Saturate an old rag or microfiber cloth with vinegar and use it to wrap the rusty part of the tool and let it sit overnight. Soaking the rust-covered tool in vinegar will loosen the rust. Here's where the baking soda comes into play. The following morning, remove the tool from the rag and rinse it. Then, make a cleaning paste using a few tablespoons of baking soda and a little water, and use the paste to scrub off the loosened rust. Depending on how much rust there is, you may need to disassemble the tool to get in all the tight spots.

Increase the pH of acidic soil

Properly balanced soil is essential if you want your garden plants to grow or thrive. If the soil's pH is too low (acidic) or too high (basic), your plants aren't going to be as healthy and vibrant as they otherwise could be. The optimal pH level for soil is between 6.0 and 7.5, though it can vary by plant type. For example, some flowers that respond well to baking soda, as well as soil with a higher pH, include daylilies, lilacs, foxgloves, and clematis.

Before adding baking soda to your garden, it is essential to test the soil pH. If the soil test reveals that the pH level is under 6.0, then it can help bring it up to a more ideal level. Adding some baking soda to the soil can raise the pH within a few days. Mix it in with the top 6 inches of soil, ensuring it is evenly incorporated. You'll want to retest your soil after a few weeks, however, because its effects aren't always very long-lasting.

Remove gunk and grime from wood and composite decks

As your wood or composite deck is exposed to wind, rain, snow, tree droppings, and everything else that nature throws at it, it can get dirty and grimy pretty quickly. Let baking soda — along with a few other gentle cleaners — help you get rid of all the gunk and leave you with a clean and sparkling deck.

Sweep the deck to remove any loose debris, and then rinse it with the hose to prepare the surface for cleaning. Prepare a mixture of 1 gallon of water, 1/2 cup white vinegar, and 1/4 cup baking soda, and use the solution to scrub the deck. The added baking soda will be especially helpful if there is any mold or mildew present. You can even try sprinkling some extra baking soda over these areas and letting it sit for 15 or 20 minutes before scrubbing to more effectively clear away mold and mildew. After you've finished scrubbing the deck, use your hose to thoroughly rinse it all off.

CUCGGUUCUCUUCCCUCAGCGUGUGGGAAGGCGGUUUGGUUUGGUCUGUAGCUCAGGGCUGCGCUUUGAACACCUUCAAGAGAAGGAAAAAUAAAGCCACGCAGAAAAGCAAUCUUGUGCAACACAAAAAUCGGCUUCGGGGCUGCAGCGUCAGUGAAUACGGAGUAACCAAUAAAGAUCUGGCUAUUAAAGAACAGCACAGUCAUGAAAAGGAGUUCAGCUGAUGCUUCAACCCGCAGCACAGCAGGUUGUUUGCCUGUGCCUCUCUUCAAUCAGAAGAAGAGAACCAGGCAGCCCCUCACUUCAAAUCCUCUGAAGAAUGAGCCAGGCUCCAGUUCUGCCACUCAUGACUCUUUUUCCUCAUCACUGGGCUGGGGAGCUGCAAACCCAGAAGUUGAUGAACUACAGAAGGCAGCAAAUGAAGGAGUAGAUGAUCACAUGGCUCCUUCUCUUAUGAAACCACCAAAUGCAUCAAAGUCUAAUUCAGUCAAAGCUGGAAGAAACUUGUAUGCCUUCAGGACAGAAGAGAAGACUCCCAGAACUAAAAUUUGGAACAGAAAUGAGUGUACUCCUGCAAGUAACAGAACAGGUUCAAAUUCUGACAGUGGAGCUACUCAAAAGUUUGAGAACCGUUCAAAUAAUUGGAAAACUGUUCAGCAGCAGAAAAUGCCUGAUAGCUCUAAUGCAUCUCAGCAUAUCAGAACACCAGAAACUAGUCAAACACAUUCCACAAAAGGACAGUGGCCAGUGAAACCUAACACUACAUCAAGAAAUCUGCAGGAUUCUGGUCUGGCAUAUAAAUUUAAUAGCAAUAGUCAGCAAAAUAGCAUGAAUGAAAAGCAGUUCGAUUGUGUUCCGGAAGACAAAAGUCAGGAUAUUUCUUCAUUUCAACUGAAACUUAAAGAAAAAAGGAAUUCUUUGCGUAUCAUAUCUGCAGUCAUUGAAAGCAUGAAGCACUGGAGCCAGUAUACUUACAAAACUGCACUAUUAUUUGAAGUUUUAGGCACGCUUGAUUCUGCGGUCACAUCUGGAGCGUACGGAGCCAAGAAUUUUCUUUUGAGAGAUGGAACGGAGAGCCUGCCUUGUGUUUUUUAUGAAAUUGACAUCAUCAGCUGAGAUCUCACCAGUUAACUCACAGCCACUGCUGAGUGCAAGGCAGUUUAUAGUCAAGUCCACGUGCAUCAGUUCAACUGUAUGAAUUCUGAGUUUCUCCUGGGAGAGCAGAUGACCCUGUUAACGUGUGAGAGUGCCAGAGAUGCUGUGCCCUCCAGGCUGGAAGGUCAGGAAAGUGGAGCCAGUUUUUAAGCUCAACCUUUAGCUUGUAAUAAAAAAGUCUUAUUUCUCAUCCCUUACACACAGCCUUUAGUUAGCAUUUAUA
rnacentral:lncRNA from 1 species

Balance chemistry levels in your backyard swimming pool

Keeping water chemistry levels balanced is an important — though, often challenging — part of maintaining a backyard swimming pool. Chlorine levels are only one important part of the equation. You must also keep the pH balanced to prevent corrosion, maintain clear water, and ensure swimmers are comfortable. The optimal pH level for a pool is between 7.2 and 7.8, which is slightly basic (the opposite of acidic).

Because baking soda has a pH of about 8, it can help increase the pH levels that drop below 7.2. Always test the pH level before just adding baking soda to your pool to avoid increasing an already high pH. You'll need to do some math to calculate the ideal amount to add, based on the capacity of your pool and how much you want to increase the pH. Adding 1.5 pounds of baking soda to 10,000 gallons of water should increase alkalinity levels by approximately 10 parts per million. When you add baking soda, avoid dumping it all in the same spot. After about six hours, retest the water to confirm the pH level is where you want it to be.

Avoid using baking soda with plants in soil with a high pH

Earlier, we explained how baking soda can increase the pH of acidic soil. However, if the soil is already basic, then adding baking soda could be detrimental to any plants growing in the soil. This is why it is essential to test the pH of the soil before adding any baking soda to it. Gardeners need to learn these key facts about baking soda before using it on their plants.

Similarly, if you're looking to use the baking soda as a fungicide, you also should avoid using it on any plants that are planted in soil with a higher pH. You don't want to end up increasing the pH to a level that is too basic for the plants to grow and thrive. Any attempts you make to improve their health with the baking soda will all be for naught if you make it so they can't grow properly in the soil.

Don't use baking soda to deter rabbits from eating your plants

You may find some sources that highlight the benefits of using baking soda to deter rabbits or other pests from munching on your plants. While these critters may potentially be repelled by the substance, there are better ways to keep them from eating through your garden. If you add enough baking soda to your soil to effectively deter pests, you're going to end up threatening the health of everything growing in the garden.

As a salt, large quantities of baking soda can have a negative impact on your plants, stunting their growth, causing them to shrivel up, or possibly even killing them altogether. Beyond this immediate damage, you'll also be increasing the pH of the soil too much, creating an unhealthy environment for future plants. Try a different approach to keep rabbits from munching on your plants, such as creating physical barriers out of chicken wire or planting garlic, rhubarb, hot peppers, or other plants that give off a strong scent that rabbits do not like.